Crawford responding to US wildfire claims
UPDATE — 27 August 2020
California is experiencing some of its largest-ever wildfires - the LNU Lightning Complex Fire in the northern Bay Area and Central Valley is the second-largest recorded inferno in the state’s history and the SCU Lightning Complex Fire, mainly east of San Jose, is the third.
The most devastating - the Camp Fire in Butte County - occurred in 2018 and caused insured losses of $12bn, according to an Aon estimate.
At the same time, wildfires are wreaking destruction across 14 other U.S. states, with Alaska, Arizona, Oregon and Washington worst affected. With conditions still hot and dry, experts say it will be some time before there is a reprieve.
Crawford is already handling claims for clients with policies affected by the fires, but it is too early to put an estimated cost on this year’s events, according to Ken Tolson, Crawford’s president of Claims Solutions in the U.S.
“We’re now starting to report claim volumes and are seeing demand for dedicated cat teams because of the widespread damage and high number of homes affected,” he says, stressing: “Wildfires cause devastation and great distress for the victims. Crawford’s role is to help get restore their lives and livelihoods as quickly as possible.”
Access to affected areas is virtually impossible until the fires are extinguished. However, Crawford can deploy drones from its 2,200-strong fleet to conduct aerial damage assessments and its adjusting teams are on standby for deployment in affected regions.
The age of remote adjusting
As much adjusting of wildfire damage as possible will be conducted remotely. Drones footage will provide quick assessments of the extent of total losses, while recently rolled-out exterior and 3D modelling apps now allow adjusters and policyholders to conduct inspections of smoke-damaged properties from their smartphones.
As wildfires usually destroy affected properties, these tools are arguably best applied pre-loss in wildfire-prone areas to ensure adjusters can apply accurate values to properties, Tolson says. Some carriers in high-risk zones now ask homeowners to conduct their own pre-loss inspections using apps such as Hover during the binding process.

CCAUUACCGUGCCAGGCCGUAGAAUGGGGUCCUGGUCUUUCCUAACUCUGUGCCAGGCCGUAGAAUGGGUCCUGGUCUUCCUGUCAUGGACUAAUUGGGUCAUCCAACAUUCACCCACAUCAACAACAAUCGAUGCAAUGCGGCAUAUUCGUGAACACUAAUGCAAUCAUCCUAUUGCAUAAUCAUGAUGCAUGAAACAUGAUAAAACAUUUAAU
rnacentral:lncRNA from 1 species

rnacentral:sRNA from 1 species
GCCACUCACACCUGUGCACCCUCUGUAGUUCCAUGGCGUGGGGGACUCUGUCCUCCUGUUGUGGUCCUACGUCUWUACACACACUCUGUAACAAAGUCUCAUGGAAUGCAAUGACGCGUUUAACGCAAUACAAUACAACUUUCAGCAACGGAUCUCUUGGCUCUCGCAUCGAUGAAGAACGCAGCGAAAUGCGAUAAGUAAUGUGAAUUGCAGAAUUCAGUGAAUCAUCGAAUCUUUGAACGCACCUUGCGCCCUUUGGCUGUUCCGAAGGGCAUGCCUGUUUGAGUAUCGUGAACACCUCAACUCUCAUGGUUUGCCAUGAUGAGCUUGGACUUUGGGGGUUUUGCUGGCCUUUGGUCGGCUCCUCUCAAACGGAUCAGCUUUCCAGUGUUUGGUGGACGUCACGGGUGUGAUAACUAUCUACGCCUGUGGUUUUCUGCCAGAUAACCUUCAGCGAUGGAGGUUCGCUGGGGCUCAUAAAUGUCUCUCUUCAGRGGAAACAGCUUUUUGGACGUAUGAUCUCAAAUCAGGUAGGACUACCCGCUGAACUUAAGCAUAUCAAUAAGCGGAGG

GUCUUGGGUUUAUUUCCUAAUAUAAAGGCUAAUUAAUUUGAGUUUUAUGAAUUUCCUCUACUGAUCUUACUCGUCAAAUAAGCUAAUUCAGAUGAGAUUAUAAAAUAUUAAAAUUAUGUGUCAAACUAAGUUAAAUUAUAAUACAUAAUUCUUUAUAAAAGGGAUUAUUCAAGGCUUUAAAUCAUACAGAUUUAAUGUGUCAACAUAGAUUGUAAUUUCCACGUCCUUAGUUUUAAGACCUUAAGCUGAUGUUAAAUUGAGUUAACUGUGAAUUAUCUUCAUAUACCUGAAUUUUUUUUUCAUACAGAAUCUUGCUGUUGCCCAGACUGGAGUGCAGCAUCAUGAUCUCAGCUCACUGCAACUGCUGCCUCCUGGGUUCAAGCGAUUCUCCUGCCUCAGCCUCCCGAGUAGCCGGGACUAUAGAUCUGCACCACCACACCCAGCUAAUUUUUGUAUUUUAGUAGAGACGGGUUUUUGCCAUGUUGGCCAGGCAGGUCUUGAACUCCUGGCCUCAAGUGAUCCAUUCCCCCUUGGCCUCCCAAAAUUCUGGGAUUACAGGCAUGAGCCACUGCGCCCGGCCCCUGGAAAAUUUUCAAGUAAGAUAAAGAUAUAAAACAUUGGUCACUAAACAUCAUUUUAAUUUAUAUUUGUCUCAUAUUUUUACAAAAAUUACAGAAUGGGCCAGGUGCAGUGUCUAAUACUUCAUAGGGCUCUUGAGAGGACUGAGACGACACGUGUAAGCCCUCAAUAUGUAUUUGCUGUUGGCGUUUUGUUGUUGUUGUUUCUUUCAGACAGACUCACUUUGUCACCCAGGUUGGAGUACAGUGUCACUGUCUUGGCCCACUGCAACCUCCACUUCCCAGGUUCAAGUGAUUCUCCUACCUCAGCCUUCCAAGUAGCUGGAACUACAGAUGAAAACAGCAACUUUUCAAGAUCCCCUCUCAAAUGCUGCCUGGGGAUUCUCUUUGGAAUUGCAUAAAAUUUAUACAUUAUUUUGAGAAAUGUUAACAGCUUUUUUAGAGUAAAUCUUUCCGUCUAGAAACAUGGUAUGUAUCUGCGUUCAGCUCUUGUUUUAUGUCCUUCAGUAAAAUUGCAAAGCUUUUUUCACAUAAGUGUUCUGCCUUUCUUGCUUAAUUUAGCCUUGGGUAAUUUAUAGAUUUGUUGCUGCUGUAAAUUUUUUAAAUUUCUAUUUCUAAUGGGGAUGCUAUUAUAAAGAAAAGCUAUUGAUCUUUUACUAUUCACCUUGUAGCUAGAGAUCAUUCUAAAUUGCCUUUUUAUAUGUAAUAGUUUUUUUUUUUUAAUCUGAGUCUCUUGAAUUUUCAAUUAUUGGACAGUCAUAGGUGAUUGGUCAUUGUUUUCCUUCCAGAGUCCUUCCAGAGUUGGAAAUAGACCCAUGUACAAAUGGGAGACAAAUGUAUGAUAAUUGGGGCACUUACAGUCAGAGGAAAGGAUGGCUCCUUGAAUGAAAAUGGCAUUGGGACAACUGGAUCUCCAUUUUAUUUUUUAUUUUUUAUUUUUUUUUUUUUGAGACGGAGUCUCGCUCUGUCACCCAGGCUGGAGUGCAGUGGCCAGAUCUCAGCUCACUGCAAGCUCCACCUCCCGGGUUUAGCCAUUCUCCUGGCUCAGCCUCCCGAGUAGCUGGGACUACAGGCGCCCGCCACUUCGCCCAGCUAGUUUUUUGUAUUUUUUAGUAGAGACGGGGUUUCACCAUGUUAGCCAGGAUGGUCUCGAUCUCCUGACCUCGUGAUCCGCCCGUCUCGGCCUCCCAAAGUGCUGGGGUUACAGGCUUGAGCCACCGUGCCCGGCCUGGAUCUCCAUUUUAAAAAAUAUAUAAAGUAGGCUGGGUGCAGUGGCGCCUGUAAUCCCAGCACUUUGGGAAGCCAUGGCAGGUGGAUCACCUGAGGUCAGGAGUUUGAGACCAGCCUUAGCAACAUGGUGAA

“When wildfires run across a neighborhood houses usually burn to the ground, so it is very important to have a good pre-loss view of the properties,” Tolson explains. “Today’s self-service tools save the cost of conducting physical inspections and provide insurers with really valuable underwriting information on the properties, so uptake has been good.”
In California, where the risk of wildfires is high and well understood, progress has also been made in loss mitigation, from the development of fire-retardant sprays and coverings for houses to the improvement of water supplies and sprinkler systems in high-risk neighborhoods.
However, wildfires are notoriously hard to control, and insured losses from this season’s fires are likely to be significant. “Much still depends on which way the wind blows,” says Tolson.
August has seen a significant upturn in U.S. CAT claims with Hurricanes Isiais, Marco and Laura making landfall and a severe thunderstorm loss in the Chicago region. Crawford recruits and trains its people throughout the year in anticipation of heightened claims activity in August and September, and has the capacity and expertise to respond across the U.S.
ORIGINAL UPDATE — 25 August 2020
Several fires in northern California are burning out of control as over 14,000 firefighters, many brought in from nearby states, struggle to contain them. The LNU Lightning Complex Fire, in the northern Bay Area and Central Valley, is the second-largest inferno in California recorded history. The SCU Lightning Complex Fire, largely east of San Jose, is now the third-largest fire in the state's history. Media outlets are comparing the size of the destruction with five New York Cities. Experts do not anticipate a reprieve any time soon as the weather conditions are still dry and hot. Lightning strikes have caused several of the fires.
Crawford is currently handling claims for clients with policies in the areas affected by the fires. In addition, our highly specialized group of Global Technical Services adjusters are also prepared to respond to large and complex commercial losses. For assistance with claims or damage assessments associated with these wildfires, contact our 24-hour ClaimsAlert call center at 1-877-346-0300, email us at email@example.com or submit a claim online.